13. 2 points
    Or a Civic- which was the reason behind me buying one
  14. 2 points
    GG7 (./GG8 = AWD) : Fit Shuttle 1.5L + IMA GP3 : Honda Freed..but it came with the 1.5L = IMA...the Freed never came with a 1.3L engine GP6 : Same size as the GP5....only difference is GP6 was the AWD variant.
  15. 2 points
  16. 2 points
    spot On! I've driven both cars and to summarize: GP1 - Old school petrol car you really don't feel you're driving a hybrid it guzzles fuel like an ordinary petrol car too. A bit more rugged than the GP5. Other than the oil burn issue (factory defect in a set of cars) it's a nice old school trouble free car. In 3 years of ownership i only changed the wiper blades. If you can find a car with the oil burn issue fixed/ one that doesnt fall in the affected VIN # range you have a trusty old school car. Batteries have held out well so far I sold mine last year (6 years old 61,000 KMS done) with 75% usable capacity on the battery. GP5 - Puts a smile on your face. Peppy car with lots of pulling power. Nicer interior and more bells and whistles. 'Rockets out' is an apt description. I hate the gear shifter though puny little piece of plastic. People tend to fall in love with GP5s. Despite my warnings about potential DCT issues 2 of my friends after test driving GP5's fell in love with them and ended up buying them. ( One of them - a lady liked it so much that she already ended up ramming a parked Isuzu Elf ) Both models are fun and practical. Nowadays due to the lower price are good bargains.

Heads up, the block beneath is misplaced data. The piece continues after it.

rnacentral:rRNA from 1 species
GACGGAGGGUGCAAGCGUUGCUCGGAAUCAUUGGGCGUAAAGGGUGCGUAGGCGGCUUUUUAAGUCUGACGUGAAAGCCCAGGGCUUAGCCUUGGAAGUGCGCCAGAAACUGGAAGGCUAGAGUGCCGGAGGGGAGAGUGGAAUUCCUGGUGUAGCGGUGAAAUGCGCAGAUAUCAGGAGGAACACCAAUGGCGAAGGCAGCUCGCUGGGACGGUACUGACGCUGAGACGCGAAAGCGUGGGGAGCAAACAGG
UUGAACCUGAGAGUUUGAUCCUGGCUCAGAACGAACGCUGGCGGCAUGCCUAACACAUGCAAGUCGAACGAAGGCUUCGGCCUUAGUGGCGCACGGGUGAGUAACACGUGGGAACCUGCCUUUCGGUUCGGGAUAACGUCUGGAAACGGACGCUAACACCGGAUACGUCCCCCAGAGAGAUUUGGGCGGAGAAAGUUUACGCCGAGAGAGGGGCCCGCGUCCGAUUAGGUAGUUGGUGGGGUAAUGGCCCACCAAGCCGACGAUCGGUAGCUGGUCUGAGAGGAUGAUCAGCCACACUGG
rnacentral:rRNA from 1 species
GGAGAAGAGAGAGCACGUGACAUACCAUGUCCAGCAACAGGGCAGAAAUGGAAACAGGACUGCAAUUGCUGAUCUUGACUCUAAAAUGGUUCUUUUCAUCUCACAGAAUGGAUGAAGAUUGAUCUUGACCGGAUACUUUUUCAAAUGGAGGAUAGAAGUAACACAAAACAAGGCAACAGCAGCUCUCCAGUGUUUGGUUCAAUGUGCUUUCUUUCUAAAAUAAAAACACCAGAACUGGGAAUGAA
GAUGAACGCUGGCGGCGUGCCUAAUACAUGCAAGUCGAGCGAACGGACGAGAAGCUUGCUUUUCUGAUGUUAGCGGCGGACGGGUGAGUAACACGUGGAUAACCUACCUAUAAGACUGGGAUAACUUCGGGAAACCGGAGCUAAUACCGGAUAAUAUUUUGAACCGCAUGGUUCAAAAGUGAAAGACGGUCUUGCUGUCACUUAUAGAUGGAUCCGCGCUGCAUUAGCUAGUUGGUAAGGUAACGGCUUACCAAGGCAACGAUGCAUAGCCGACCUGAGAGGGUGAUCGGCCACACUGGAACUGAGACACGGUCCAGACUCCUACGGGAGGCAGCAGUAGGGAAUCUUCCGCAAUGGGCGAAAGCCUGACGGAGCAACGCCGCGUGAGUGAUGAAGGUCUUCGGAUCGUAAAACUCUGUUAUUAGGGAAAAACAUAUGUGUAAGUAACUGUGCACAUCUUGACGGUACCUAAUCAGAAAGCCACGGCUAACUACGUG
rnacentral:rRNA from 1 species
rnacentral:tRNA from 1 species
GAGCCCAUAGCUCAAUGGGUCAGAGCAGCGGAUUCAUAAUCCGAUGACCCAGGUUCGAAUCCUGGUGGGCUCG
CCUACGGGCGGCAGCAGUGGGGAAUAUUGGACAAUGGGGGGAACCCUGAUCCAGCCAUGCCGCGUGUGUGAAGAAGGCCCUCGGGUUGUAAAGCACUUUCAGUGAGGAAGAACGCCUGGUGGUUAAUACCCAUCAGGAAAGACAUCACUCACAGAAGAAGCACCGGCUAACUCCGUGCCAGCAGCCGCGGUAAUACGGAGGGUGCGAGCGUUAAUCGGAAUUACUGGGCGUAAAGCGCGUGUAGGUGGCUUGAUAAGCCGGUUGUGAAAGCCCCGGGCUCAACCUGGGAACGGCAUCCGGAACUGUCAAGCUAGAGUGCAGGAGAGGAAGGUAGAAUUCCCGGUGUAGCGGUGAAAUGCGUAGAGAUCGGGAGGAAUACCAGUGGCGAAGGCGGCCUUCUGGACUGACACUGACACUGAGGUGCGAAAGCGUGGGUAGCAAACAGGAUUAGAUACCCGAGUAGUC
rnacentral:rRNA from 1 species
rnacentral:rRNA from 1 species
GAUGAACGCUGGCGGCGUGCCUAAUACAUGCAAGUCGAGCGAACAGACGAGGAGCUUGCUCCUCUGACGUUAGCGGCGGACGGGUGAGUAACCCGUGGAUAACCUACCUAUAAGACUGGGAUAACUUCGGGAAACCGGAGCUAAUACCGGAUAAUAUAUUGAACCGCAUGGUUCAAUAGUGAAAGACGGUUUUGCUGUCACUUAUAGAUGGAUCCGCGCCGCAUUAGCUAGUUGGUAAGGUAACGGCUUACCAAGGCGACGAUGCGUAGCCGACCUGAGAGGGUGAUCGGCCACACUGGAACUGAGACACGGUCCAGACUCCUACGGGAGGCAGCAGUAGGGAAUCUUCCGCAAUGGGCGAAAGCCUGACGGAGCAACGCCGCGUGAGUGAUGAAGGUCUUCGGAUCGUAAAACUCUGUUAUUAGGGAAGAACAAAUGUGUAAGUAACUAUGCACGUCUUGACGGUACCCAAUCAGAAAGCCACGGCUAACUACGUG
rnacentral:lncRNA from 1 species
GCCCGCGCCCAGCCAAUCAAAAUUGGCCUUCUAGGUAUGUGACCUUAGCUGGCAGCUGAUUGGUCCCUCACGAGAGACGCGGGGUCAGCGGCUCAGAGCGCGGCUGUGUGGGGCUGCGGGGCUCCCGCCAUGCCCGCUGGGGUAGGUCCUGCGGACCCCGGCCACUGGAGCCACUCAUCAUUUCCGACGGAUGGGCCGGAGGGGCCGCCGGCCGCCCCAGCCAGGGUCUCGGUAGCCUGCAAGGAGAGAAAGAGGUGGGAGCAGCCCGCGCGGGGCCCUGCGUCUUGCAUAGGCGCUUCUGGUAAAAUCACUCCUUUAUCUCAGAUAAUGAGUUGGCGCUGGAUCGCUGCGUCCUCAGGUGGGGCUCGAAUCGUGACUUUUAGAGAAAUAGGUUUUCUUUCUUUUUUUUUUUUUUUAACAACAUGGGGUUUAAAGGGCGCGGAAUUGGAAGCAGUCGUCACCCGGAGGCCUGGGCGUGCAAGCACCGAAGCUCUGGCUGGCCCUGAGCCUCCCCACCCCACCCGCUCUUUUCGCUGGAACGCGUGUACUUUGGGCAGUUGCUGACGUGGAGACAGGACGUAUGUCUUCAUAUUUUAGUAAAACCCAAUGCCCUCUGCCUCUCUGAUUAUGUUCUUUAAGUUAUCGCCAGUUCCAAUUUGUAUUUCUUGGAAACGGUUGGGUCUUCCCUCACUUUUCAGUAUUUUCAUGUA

17. 2 points